Nearly a million new jobs are projected for the Bay Area over the next twenty years- a 30% increase over existing levels of employment. This report measures the frequency of transit service in each census tract for which job growth is projected. The results indicate that 565,728 new jobs, more than half of all those projected, are expected to locate in areas with infrequent transit service.
These findings have ominous implications for every Bay Area resident. The increased traffic associated with these new car-oriented workplaces will exacerbate highway congestion, particularly during commute times. Many more Bay Area residents will experience the frustration of daily traffic congestion, as automobile commuting continues to transform from a matter of choice into an inescapable aspect of life in our region.
For job-seekers who do not own cars - mostly low income families and communities of color - a greater share of employment opportunities will be inaccessible. Even when transit does serve outlying job locations, it can be expensive, require numerous transfers, and lack night and weekend service altogether. For these reasons, transportation has been identified as one of the biggest obstacles for getting welfare recipients to work.
To address the long-term challenges of transit access to jobs, the report concludes, changes are needed in public policies and investments that promote employment sprawl. At the local level, cities and counties should adjust general plans and zoning ordinances in order to re-direct growth to areas within their jurisdictions that are more transit accessible. Specifically, local leaders should:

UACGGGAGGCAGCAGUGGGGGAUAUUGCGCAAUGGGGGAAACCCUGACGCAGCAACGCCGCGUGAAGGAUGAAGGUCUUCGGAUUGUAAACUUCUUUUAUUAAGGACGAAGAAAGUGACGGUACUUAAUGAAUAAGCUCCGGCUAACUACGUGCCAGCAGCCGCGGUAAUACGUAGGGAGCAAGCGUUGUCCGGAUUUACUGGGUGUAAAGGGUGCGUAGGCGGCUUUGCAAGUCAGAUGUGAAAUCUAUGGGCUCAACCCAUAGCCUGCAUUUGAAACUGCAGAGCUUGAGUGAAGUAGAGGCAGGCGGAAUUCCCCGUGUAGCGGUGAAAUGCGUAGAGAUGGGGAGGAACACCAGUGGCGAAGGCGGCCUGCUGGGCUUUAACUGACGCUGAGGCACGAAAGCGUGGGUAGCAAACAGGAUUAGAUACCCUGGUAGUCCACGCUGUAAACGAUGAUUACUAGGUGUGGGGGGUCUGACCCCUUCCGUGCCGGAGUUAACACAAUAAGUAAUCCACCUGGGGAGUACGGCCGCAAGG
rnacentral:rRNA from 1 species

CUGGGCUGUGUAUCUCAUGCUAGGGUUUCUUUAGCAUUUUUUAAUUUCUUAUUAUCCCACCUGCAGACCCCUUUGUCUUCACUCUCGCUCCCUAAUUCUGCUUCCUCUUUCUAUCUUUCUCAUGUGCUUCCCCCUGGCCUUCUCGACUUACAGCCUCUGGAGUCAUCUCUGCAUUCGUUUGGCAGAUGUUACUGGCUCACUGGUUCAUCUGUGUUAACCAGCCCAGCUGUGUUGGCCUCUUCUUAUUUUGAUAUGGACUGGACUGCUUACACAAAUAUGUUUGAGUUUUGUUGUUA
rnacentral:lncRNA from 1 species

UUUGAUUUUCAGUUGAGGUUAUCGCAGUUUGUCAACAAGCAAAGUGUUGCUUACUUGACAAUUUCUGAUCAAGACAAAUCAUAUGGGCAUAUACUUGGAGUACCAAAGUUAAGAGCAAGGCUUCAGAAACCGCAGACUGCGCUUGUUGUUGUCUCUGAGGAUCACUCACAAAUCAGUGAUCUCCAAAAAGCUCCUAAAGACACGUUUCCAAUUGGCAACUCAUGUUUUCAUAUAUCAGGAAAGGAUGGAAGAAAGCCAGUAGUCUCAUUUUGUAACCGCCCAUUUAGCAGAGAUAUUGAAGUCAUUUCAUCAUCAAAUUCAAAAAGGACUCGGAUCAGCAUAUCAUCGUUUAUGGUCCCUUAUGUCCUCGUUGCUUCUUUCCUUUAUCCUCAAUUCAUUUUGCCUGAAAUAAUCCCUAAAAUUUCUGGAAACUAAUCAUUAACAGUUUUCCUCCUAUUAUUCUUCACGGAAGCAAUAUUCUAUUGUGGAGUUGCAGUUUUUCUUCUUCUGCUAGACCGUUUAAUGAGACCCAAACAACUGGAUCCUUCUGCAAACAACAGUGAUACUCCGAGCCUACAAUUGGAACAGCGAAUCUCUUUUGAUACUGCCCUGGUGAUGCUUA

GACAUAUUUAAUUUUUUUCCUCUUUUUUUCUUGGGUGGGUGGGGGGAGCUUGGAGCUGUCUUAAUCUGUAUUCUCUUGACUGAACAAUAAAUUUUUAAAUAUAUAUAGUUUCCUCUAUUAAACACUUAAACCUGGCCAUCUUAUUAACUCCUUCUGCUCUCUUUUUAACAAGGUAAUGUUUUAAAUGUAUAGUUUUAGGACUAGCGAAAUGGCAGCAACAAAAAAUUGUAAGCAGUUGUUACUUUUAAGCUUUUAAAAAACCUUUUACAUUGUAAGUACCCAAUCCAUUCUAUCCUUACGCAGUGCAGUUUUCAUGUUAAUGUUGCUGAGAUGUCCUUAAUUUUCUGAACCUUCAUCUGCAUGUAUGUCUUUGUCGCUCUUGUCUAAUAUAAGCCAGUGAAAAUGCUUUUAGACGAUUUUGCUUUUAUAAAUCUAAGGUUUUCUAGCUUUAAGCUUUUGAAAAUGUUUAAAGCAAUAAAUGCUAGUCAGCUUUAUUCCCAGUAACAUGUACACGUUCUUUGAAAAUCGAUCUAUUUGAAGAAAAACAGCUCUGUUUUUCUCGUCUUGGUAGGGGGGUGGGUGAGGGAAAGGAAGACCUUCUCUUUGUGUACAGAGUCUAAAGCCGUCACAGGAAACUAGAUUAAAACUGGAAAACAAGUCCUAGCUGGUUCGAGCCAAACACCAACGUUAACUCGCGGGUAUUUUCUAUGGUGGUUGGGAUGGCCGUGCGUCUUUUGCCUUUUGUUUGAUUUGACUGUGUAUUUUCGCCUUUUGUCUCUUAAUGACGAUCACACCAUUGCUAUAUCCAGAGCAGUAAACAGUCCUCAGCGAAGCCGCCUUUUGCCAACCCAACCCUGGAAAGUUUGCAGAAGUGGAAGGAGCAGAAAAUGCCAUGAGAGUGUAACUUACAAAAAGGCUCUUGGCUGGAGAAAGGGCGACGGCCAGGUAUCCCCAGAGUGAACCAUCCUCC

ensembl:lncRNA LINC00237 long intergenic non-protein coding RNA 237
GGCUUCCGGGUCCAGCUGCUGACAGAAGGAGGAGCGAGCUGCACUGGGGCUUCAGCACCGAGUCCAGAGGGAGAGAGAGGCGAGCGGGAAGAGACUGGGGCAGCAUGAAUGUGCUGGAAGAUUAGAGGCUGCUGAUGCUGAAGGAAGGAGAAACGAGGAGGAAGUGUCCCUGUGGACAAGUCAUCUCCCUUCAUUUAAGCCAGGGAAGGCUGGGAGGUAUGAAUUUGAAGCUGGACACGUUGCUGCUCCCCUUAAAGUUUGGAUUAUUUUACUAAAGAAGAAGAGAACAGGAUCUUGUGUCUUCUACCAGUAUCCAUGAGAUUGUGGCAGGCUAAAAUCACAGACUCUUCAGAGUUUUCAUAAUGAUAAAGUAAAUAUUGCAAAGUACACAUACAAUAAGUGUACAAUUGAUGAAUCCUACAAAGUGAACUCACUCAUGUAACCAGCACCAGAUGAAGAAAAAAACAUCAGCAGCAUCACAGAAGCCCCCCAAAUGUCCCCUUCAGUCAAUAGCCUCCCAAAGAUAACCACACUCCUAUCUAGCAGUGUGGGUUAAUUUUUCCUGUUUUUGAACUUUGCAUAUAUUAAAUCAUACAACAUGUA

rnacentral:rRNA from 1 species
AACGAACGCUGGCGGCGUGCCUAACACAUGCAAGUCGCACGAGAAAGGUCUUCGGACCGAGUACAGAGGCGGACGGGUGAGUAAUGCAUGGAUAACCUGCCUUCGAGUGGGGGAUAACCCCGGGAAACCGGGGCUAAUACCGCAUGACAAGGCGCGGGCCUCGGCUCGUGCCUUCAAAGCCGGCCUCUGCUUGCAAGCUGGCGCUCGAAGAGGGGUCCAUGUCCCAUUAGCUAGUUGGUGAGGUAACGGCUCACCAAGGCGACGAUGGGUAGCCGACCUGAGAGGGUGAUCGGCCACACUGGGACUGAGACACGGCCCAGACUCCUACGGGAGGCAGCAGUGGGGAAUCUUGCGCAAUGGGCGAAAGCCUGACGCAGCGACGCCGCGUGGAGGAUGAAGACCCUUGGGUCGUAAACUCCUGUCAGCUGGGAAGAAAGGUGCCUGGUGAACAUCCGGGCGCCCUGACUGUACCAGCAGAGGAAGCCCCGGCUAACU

- Amend general plans to cluster employment growth around transit.
- Implement a specific plan for areas surrounding transit stations.
- Design streets to encourage workers and residents to travel by means other than the automobile.
- Reduce minimum parking allowances for transit-oriented development.
- Involve residents early in the design process.
- Reduce the review time required for transit-oriented projects.
- Require new development to pay the full cost of infrastructure expansion.
- Require employers to offer financial incentives that promote transit and alternatives to solo driving.
- Support regional or sub-regional programs to share tax revenues from new commercial growth.
- Collaborate with neighboring municipalities on mutually beneficial projects.
The growing mismatch between jobs and public transportation cannot be addressed without an adequate regional transit system, or without an improved regional planning framework. That is why the Regional Transportation Plan (RTP), which helps guide over $88 billion in Bay Area transportation funding over the next twenty years, is so critical. In the 1998 RTP update the Metropolitan Transportation Commission should promote investments and policies which encourage employment growth that is accessible, both conveniently and affordably, by a range of transportation modes. Regional recommendations include:
- Include full funding for anticipated transit capital shortfalls in the Regional Transportation Plan.
- Adopt transportation performance goals for the region.
- Amend transportation funding criteria to encourage walkable, transitoriented communities.
- Establish a framework and set of incentives for comprehensive, collaborative regional and sub-regional planning.
The implementation of these recommendations would create transportation choices for residents to travel to jobs, education, commercial areas and other activities, and could lead to lower transportation costs and a higher quality of life for every Bay Area resident.